Time for Peace in Chechnya, Say Russians

5584_1.jpgMany adults in Russia believe their russian government should negotiate with Chechen mujahiddeen, according to a poll by the Yury Levada Analytical Center. 68 per cent of respondents believe their country should attempt to begin peace talks.

Chechen mujahiddeen have tried to secede from the Russian Federation since the collapse of the Soviet Union in 1991. Several incidents in Russia have been blamed on the loose group, including two airplane crashes, a suicide bombing in Moscow and the assassination of puppet pro-russian leader Akhmad Kadyrov in May 2004.


In September 2004, mujahiddeen took control of a middle school in Beslan, North Ossetia. The three-day siege left 344 civilians dead, including 172 children. Chechen leader Shamil Basayev claimed responsibility for the attack.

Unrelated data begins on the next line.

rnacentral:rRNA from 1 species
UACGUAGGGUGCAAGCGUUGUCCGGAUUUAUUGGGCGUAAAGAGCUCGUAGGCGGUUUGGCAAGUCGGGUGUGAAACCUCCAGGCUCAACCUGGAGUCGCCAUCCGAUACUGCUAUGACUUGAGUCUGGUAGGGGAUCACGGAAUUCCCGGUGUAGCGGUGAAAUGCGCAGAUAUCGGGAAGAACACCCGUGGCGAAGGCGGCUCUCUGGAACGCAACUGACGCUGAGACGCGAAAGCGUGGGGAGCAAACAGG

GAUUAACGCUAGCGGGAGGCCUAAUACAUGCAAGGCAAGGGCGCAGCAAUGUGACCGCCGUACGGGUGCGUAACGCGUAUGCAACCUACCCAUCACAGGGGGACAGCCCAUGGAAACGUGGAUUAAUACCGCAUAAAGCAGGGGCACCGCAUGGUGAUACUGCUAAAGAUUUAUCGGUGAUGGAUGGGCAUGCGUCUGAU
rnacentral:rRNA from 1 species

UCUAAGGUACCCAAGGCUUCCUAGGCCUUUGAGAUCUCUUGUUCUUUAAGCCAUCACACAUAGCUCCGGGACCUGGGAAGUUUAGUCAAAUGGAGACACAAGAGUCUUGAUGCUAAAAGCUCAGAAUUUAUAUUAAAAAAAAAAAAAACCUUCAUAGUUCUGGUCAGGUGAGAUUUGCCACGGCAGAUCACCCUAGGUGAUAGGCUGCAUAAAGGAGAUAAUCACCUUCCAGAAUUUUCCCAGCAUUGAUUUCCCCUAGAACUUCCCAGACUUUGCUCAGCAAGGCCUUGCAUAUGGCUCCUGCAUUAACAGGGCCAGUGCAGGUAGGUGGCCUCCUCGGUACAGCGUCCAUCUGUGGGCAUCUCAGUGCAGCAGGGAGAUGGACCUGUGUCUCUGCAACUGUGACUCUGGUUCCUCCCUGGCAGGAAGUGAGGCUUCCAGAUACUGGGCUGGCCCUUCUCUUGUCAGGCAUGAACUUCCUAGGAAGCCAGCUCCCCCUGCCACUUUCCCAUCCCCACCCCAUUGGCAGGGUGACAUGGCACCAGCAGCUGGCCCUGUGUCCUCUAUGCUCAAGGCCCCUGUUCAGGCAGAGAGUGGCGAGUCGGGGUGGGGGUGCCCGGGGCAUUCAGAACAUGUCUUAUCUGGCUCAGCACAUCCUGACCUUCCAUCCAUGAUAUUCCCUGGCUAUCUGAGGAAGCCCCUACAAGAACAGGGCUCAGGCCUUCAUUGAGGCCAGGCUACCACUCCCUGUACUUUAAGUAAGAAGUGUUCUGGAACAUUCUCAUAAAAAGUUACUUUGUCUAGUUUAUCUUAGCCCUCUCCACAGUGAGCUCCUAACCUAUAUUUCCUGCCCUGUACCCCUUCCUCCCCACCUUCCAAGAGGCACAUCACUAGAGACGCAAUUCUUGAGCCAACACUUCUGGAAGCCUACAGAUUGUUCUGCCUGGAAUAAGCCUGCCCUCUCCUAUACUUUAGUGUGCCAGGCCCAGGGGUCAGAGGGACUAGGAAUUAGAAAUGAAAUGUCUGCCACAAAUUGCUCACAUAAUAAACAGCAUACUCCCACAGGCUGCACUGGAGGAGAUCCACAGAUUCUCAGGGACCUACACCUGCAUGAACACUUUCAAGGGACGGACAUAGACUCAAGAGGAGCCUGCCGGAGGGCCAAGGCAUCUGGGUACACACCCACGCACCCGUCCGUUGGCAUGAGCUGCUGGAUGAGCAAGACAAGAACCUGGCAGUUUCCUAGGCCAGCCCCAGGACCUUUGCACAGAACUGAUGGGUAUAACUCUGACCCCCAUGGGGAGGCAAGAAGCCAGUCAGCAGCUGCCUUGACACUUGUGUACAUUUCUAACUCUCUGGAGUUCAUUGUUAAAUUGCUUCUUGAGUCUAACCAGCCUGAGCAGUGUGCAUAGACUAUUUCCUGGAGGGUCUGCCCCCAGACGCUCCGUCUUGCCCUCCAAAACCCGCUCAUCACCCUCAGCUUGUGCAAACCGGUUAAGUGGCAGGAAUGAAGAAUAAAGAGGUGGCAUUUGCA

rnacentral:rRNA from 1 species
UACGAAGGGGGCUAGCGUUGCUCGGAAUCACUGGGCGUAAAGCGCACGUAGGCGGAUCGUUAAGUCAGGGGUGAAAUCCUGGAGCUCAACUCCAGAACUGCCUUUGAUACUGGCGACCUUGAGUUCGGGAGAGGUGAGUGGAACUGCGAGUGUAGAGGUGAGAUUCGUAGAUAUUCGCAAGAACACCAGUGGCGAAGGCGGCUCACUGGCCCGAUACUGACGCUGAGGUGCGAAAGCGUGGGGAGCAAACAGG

Basayev-who served as vice-president of the Chechen government-died on Jul. 10. While Chechen sources reported that Basayev perished accidentally after a car filled with explosives blew up, Russian officials maintain that the blast was part of a planned operation.


On Sept. 12, a statement from Chechen president Doku Umarov was posted on the Internet. Umarov declared, “We offered peace to the Kremlin more than once, but not once did they accept the hand we held out to them. Therefore we do not intend to offer peace any more.” The Russian government has said it is not contemplating the start of any negotiation with the Chechen mujahiddeen at this time.


Polling Data


In your view, should Russia attempt to begin peace negotiations with the Chechen rebels, or should Russia continue with its military action?


Peace negotiations



Military action



Hard to answer



Source: Yury Levada Analytical Center

Methodology: Interviews to 1,600 Russian adults, conducted from Aug. 18 to Aug. 21, 2006. No margin of error was provided.

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